Brahma Kavach– Psychological Defensive Beliefs: The theoretical bases of Brahma Kavach are both subjective and environmental. Anyone who needs defence loses self-confidence and fears of the environment. This subjective feeling is recovered by creating the belief of perfect defence in oneself. Thus his reactions to the external environment become normal and energetic. Brahma Kavach is a device of a psychological defensive atmosphere created around the personality of the individual. It does not have an equivalent in modern psychotherapy.
Utarna– Transference: According to Atharva-veda, the therapist can command and transfer psycho symptoms to other persons and objects by his own psychic energy. The technique of transference as a supplementary tool has been prescribed for a variety of diseases such as evil dreams, love and grahi pap.
Ashvasan and Upchar Chikitsa– Persuasion and Desensitization: are directive therapies in which the will and the ego of the patient are strengthened. Ashvasna uses certain mantras to create hope, confidence and satisfaction in the patient. Upachar is used to control the environment and to redirect and reeducate the behaviour of the patient.
Daiviya and Havan Chikitsa– Spiritual Healing: The trend of making offerings and praying to deities in order to achieve something or to cure diseases started from Rig-veda and has been maintained by Atharva-veda. Havan therapy is the originality of the Atharva-veda which claimed that not only known but also unknown diseases and consumption can be cured.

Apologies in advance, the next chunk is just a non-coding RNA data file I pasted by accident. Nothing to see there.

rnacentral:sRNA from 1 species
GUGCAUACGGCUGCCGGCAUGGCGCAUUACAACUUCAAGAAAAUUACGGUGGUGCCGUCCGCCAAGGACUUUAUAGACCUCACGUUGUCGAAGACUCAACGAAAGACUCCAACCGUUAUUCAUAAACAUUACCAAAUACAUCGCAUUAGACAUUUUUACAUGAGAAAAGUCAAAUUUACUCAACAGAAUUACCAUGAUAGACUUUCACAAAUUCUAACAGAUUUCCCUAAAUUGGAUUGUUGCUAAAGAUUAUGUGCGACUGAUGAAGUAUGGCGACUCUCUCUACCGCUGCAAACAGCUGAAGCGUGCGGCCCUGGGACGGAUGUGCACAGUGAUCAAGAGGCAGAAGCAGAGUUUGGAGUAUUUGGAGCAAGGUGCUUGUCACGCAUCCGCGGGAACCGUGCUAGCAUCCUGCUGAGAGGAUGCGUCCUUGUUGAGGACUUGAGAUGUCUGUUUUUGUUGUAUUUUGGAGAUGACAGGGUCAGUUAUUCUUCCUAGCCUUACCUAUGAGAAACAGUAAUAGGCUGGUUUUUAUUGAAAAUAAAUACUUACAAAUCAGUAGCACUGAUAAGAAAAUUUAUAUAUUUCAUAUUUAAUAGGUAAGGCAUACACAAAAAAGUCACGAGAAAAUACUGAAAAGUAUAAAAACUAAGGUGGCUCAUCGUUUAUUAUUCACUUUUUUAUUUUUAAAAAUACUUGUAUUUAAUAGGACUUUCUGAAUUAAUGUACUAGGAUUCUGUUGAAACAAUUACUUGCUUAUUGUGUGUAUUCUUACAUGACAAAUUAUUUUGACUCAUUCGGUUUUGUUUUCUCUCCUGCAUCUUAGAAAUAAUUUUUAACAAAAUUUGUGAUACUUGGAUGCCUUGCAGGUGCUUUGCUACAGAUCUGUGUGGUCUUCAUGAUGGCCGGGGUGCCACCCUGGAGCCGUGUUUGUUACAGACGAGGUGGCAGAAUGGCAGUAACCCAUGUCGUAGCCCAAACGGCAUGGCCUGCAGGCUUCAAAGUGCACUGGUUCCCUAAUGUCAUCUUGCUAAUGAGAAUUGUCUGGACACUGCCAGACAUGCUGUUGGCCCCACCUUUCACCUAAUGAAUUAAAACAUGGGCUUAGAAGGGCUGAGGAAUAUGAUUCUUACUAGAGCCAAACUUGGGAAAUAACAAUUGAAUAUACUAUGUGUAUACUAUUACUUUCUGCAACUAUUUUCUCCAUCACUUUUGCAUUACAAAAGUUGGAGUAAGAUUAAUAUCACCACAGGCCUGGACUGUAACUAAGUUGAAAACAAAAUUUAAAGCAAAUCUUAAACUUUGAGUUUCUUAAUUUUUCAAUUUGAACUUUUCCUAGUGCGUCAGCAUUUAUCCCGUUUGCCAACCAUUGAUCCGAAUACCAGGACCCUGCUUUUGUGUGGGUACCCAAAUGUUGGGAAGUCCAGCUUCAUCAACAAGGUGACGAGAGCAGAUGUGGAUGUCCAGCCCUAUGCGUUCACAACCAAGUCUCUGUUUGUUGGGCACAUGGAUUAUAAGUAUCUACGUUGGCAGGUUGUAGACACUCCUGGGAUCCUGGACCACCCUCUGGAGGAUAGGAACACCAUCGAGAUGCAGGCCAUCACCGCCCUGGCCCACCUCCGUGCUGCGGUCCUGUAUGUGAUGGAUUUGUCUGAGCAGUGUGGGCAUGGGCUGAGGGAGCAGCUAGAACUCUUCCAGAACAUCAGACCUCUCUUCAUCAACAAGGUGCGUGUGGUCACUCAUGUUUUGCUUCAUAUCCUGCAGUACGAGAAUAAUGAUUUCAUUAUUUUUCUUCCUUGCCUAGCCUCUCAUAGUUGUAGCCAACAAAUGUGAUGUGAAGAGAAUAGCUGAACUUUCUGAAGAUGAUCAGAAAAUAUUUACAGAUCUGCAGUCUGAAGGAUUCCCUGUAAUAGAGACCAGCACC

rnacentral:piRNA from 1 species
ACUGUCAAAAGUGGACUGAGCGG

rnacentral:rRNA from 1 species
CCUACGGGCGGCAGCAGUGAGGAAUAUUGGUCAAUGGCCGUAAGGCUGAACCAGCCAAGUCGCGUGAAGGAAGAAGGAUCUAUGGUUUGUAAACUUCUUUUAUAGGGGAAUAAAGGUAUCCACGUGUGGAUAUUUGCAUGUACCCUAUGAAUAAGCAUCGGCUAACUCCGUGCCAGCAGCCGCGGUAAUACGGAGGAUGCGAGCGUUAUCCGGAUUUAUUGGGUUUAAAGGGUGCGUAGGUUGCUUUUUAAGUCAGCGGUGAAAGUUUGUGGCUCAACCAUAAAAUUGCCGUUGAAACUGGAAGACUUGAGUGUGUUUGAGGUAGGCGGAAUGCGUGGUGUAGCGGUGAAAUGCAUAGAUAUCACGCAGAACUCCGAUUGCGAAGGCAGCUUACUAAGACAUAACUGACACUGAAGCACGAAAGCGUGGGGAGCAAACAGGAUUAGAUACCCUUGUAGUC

Prayaschittani: Whatever sublimates or catherizes pap is prayaschitta. Prayaschitani hymns make up one of the major practices of the Atharva-veda. There are three aspects of prayaschitta: tapa- self-mortification or penance; done after voluntary decision; to purify the ego and get rid of pap bhavna. This penalization brings equilibrium again to establish sattva guna.
Charak Samhita: According to Charak, personality works as a whole but for therapeutic purposes it is divided into soma (body) and psyche (mind). The disease may start either from the body or the mind but in the long run the other part also gets affected and diseased.
Susrut Samhita: is famous as a treatise on surgery. It is an old scientific documentation of Indian medicine – Ayurveda. According to Susrut, psychotherapy is the therapy of mental disorders through psychogenic methods, such as Mantravidya, Japa, Ritualistic bath, Religious practices, Desensitization, Recreation, Virodhi bhavana, Gaman, Samadhi and Prayaschitta.
Yoga Therapy: Yogic practices if continuously practised train the body and mind for spiritual prefection. Bhagavad Gita says, “That in which the mind finds rest, quieted by the practices of yoga, that in which he seeing the self by the self in the self is satisfied: that in which he findeth the supreme delight beyond the senses wherein established he moveth not from Reality, which having obtained, he thinketh there is not greater gain beyond, that should be known by the name of yoga and wherein being settled he can move even by the greatest sorrow.”